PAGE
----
55. Land application and beneficial reuse are the Land application and beneficial reuse are preferred method of disposal for the City of Blanco and the Blanco River. ● Even though the new plant is supposed to treat to a better standard than the old plant, it is not designed to (nor does any version of the current or Draft permit require it to) treat the wastewater to levels that would protect the Blanco River in the case of a direct discharge. ● Proper irrigation on adequate soils provides natural filtration of unwanted contaminants. ● Proper irrigation also provides a buffer from pathogenic bacteria and parasites that can cause disease and illness when ingested, or from other emerging contaminants that are not currently regulated. ● TCEQ is currently working on rules to make it easier to beneficially reuse wastewater, without having to set aside as much land under a TLAP, which Blanco could take advantage of, but only if it kept with its land application provisions in its permit. They expect to implement the rules by the end of the year.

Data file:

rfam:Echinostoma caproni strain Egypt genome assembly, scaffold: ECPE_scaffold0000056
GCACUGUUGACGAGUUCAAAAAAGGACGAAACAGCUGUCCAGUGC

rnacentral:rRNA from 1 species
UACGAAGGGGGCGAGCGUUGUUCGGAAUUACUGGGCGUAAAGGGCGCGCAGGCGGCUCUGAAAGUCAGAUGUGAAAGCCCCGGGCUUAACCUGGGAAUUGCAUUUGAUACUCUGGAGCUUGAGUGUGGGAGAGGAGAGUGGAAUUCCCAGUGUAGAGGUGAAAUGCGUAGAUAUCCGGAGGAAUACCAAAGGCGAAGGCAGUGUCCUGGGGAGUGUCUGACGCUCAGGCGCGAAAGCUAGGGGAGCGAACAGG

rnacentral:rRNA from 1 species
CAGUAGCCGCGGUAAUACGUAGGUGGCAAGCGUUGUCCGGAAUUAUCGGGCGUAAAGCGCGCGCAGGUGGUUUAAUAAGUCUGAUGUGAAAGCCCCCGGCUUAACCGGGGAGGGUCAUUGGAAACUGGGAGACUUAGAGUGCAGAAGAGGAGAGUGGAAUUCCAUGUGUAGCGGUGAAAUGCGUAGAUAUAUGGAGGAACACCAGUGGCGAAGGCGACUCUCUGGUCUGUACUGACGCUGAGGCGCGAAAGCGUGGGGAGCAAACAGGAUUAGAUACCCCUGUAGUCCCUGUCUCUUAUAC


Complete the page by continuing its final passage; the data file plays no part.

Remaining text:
56. The decentralized concept of “waste” water management is the idea that “waste” water is most effectively and efficiently managed by treating it – and reusing it – as close to where it is generated as practical.
  57. In many situations, the decentralized concept offers a “waste” water management system that is: • More fiscally reasonable • More societally responsible • More environmentally benign The “triple bottom line” of sustainability
  59. Alternatives and solutions Preferred wastewater treatment technology in the Hill Country Water reuse City of Austin proposed rule changes for wastewater discharges Wastewater discharge issues and solutions by the Greater Edwards Aquifer alliance Senate bill to restrict wastewater discharges in Cen Texas streams